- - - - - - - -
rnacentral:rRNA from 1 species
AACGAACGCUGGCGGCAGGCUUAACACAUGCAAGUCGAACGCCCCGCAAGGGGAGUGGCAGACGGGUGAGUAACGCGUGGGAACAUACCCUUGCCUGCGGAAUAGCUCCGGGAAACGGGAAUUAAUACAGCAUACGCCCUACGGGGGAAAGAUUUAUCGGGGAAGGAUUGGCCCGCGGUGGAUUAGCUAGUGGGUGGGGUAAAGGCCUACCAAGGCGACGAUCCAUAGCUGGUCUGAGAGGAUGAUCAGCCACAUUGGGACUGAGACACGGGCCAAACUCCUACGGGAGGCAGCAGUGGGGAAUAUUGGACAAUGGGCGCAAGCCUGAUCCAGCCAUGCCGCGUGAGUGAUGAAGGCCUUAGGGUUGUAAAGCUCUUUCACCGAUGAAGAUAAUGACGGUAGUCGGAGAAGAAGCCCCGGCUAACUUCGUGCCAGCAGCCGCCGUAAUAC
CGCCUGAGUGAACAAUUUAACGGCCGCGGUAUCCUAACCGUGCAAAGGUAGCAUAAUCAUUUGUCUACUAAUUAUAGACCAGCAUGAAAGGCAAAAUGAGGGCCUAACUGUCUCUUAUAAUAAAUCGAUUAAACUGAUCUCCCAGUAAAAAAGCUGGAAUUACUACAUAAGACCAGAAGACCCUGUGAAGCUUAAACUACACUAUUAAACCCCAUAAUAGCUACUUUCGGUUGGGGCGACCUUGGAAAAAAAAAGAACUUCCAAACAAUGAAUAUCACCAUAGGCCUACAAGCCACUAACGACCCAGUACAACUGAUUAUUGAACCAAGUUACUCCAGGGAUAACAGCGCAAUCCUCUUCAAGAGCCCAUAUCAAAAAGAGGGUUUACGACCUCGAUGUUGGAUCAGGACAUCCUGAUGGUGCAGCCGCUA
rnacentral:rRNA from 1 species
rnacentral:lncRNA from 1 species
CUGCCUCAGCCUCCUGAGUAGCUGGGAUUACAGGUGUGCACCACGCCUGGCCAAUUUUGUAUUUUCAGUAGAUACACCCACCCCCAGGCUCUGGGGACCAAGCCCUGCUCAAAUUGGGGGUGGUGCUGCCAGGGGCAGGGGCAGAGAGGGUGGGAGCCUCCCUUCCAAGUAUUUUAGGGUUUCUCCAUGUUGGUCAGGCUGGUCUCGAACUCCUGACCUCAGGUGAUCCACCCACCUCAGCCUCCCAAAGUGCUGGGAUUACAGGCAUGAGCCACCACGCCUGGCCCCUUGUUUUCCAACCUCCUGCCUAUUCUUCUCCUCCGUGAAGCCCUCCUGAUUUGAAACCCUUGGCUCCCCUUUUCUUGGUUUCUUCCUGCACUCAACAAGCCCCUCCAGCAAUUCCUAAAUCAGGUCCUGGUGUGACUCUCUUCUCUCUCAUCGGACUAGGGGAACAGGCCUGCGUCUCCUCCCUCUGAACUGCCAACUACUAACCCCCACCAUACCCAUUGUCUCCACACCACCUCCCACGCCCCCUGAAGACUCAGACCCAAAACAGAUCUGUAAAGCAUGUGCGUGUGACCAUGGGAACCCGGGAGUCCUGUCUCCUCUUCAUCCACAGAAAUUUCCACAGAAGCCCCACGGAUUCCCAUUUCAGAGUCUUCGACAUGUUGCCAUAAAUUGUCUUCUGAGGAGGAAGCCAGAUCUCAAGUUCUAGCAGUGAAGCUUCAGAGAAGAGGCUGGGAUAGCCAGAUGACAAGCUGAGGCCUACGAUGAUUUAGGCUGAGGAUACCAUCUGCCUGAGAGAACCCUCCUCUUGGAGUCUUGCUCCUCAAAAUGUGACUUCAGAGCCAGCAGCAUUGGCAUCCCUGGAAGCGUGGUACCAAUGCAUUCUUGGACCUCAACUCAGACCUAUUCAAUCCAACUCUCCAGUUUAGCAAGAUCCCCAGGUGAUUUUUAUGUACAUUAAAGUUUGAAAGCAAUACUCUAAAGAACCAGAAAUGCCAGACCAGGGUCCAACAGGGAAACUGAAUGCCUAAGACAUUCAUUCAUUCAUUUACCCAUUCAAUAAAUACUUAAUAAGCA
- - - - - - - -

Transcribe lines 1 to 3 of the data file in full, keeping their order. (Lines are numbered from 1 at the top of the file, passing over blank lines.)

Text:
rnacentral:rRNA from 1 species
AACGAACGCUGGCGGCAGGCUUAACACAUGCAAGUCGAACGCCCCGCAAGGGGAGUGGCAGACGGGUGAGUAACGCGUGGGAACAUACCCUUGCCUGCGGAAUAGCUCCGGGAAACGGGAAUUAAUACAGCAUACGCCCUACGGGGGAAAGAUUUAUCGGGGAAGGAUUGGCCCGCGGUGGAUUAGCUAGUGGGUGGGGUAAAGGCCUACCAAGGCGACGAUCCAUAGCUGGUCUGAGAGGAUGAUCAGCCACAUUGGGACUGAGACACGGGCCAAACUCCUACGGGAGGCAGCAGUGGGGAAUAUUGGACAAUGGGCGCAAGCCUGAUCCAGCCAUGCCGCGUGAGUGAUGAAGGCCUUAGGGUUGUAAAGCUCUUUCACCGAUGAAGAUAAUGACGGUAGUCGGAGAAGAAGCCCCGGCUAACUUCGUGCCAGCAGCCGCCGUAAUAC
CGCCUGAGUGAACAAUUUAACGGCCGCGGUAUCCUAACCGUGCAAAGGUAGCAUAAUCAUUUGUCUACUAAUUAUAGACCAGCAUGAAAGGCAAAAUGAGGGCCUAACUGUCUCUUAUAAUAAAUCGAUUAAACUGAUCUCCCAGUAAAAAAGCUGGAAUUACUACAUAAGACCAGAAGACCCUGUGAAGCUUAAACUACACUAUUAAACCCCAUAAUAGCUACUUUCGGUUGGGGCGACCUUGGAAAAAAAAAGAACUUCCAAACAAUGAAUAUCACCAUAGGCCUACAAGCCACUAACGACCCAGUACAACUGAUUAUUGAACCAAGUUACUCCAGGGAUAACAGCGCAAUCCUCUUCAAGAGCCCAUAUCAAAAAGAGGGUUUACGACCUCGAUGUUGGAUCAGGACAUCCUGAUGGUGCAGCCGCUA